Star Wars: Assault Team Review

Jedi card tricks

I imagine a fair number of people were of the “oh great, another Star Wars card game” opinion when Star Wars: Assault Team was announced, and I can’t say I blame them. But while it does make use of a few unfortunate monetization techniques, it’s actually not a bad time. In fact, it’s kind of clever.

As with most Star Wars games these days, Assault Team just can’t seem to avoid using notable characters from the movies. On the one hand, as a fan of the franchise, I think it’s about time to start exploring the expanded universe a bit more (or even create new characters entirely). But on the other, I can see why LucasArts would want to stick with the names most of the general public will be familiar with.

Star Wars: Assault Team

It all starts with Han Solo finding himself trapped on a Star Destroyer and fighting his way to freedom. As he blasts through teams of Storm Troopers during the tutorial missions, he’ll start to round up a decent team of fellow prisoners – as well as reunite with Chewbacca of course – and then it’s on to the game proper.

You’ll be dividing your time in Assault Team between combat and team management. Combat is entirely turn-based and always progresses from left to right. Just tap on an enemy to attack them, or tap on your hero’s card in order to activate their special ability – assuming they have one and it’s fully charged.

Combat is a bit predictable, but this will give you the chance to plan out your moves in advance and, hopefully, take a few enemies out before they even get the chance to attack. Managing your team is also fairly straightforward. You’ll earn Training and Promotion Items as you play, either through regular or special missions, and use them to level-up and “evolve” your heroes – for a variable fee, of course. Certain Training Items will give characters with a matching affinity (Survival, Mechanical, etc) bonus experience, though, so matching like with like will optimize your spending. Similarly, certain characters will require certain Promotion Items in order to progress to the next rank (i.e. evolve).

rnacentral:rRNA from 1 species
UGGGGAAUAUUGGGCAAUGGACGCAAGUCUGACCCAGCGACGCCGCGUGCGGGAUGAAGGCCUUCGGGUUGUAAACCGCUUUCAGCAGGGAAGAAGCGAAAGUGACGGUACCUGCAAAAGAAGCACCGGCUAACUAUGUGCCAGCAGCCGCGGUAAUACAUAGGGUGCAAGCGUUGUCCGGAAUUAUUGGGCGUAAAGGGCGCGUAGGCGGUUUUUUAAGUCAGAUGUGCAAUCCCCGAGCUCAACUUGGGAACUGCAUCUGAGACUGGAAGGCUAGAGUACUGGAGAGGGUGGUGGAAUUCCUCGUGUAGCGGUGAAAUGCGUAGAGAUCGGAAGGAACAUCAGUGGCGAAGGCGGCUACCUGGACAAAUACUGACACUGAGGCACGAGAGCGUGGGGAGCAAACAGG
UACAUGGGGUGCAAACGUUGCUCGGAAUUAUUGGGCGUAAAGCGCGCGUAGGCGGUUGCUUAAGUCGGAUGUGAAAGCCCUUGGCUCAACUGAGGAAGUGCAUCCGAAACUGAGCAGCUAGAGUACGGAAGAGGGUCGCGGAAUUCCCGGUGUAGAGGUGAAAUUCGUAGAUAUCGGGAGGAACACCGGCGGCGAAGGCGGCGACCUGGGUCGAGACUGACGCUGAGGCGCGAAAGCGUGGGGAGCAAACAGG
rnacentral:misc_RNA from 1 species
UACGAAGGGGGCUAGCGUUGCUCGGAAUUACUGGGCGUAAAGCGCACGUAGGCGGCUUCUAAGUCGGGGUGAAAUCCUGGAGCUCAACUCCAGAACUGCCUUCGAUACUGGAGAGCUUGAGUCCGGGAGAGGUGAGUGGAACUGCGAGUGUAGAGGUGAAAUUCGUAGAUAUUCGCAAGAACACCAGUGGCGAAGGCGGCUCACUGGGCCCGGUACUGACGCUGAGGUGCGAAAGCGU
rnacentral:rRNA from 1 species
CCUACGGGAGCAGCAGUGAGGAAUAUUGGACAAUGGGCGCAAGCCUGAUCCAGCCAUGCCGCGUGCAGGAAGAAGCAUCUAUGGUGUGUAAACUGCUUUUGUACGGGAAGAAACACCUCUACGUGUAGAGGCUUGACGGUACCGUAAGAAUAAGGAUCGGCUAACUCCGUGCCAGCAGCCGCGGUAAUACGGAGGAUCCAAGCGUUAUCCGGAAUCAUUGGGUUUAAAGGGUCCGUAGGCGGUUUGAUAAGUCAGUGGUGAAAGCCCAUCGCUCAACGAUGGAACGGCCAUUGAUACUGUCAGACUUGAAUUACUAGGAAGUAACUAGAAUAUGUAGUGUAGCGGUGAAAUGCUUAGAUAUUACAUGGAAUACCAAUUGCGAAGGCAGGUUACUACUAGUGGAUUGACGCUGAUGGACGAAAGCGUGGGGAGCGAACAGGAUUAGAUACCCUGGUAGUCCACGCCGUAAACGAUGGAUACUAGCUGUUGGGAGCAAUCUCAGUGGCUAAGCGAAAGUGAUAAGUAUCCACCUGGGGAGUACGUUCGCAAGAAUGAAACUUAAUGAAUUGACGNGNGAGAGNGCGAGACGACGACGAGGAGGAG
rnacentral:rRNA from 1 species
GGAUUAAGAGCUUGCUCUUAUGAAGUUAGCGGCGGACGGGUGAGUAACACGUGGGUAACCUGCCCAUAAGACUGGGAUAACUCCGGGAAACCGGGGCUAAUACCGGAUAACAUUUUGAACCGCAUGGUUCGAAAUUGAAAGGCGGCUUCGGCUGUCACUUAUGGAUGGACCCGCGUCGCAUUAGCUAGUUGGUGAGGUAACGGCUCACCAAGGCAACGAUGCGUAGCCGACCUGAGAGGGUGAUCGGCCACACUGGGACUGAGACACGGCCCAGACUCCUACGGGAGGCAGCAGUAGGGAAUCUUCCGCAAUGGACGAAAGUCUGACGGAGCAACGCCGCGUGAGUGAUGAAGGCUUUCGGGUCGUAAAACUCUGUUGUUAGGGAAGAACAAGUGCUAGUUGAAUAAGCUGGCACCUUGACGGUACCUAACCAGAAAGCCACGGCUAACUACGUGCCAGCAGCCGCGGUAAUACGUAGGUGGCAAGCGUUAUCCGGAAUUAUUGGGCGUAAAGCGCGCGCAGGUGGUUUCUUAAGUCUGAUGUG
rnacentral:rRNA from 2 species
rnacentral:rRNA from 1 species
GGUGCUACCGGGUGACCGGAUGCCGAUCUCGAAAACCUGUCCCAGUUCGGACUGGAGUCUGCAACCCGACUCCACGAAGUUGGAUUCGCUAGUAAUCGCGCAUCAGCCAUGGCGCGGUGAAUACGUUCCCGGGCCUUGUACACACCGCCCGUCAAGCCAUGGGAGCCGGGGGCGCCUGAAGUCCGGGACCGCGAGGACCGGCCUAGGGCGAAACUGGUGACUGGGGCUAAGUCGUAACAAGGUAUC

Star Wars: Assault Team

While the turn-based combat is rather simple, I’ve found it to be quite refreshing for a card game. Not only does it make the action far more interactive, it’s also more interesting to look at as enemies are depicted as 3D models rather than digital sheets of cardboard. They react to getting hit, they’ll tumble to the ground when defeated, and so on. It definitely beats watching two character portraits bumping into each other on autopilot. It also helps that what little dialog there is isn’t as painfully awkward as what I’ve seen in other Star Wars-themed card games. I’m looking at you, Force Collection.

I was also impressed with how Assault Team caters to the player’s need to grind. Grinding is still necessary, which is kind of a shame, but it’s handled quite well here. Regular missions will earn you Credits, items, and so on, but there are also Special Missions available that will earn very specific rewards. Need to level-up your medic? Just play a few special missions for the appropriate Training Items (Smuggler or Survival in this case). The same applies to Promotion Items. Heck, there’s even a set of special missions specifically designed to let you wrack-up Credits.

Star Wars: Assault Team

Still, it’s unfortunate that Assault Team uses one of my least favorite monetization techniques. I’m talking about holding the loot you’ve earned on a mission hostage (forcing you to use premium currency to continue or forfeit your earnings) if your team falls. I absolutely hate that model and want it to die in a fire. That said, it’s not exceedingly bad here. So long as you regularly Train and Promote your team members, you should be able to push your way along. And missions are short enough that it’s not really a huge loss to simply start over or come back later. Still, it’s a pretty underhanded tactic.

I also ran into trouble at first when trying to figure out the whole Training and Promotion thing. The tutorial explains Training to a point, but it really sort of glosses over Promotion, which resulted in having to figure it out by feel. It’s not super-complicated or anything, but a little more explanation would go a long way toward keeping players from needlessly selling or misusing certain items.

Star Wars: Assault Team is a pretty neat little digital card game that’s only slightly impacted by some inherent clunkiness and monetization techniques. Overall it’s actually quite entertaining and deserves credit for trying something that we haven’t already seen dozens of times before. Plus it’s Star Wars, of course.

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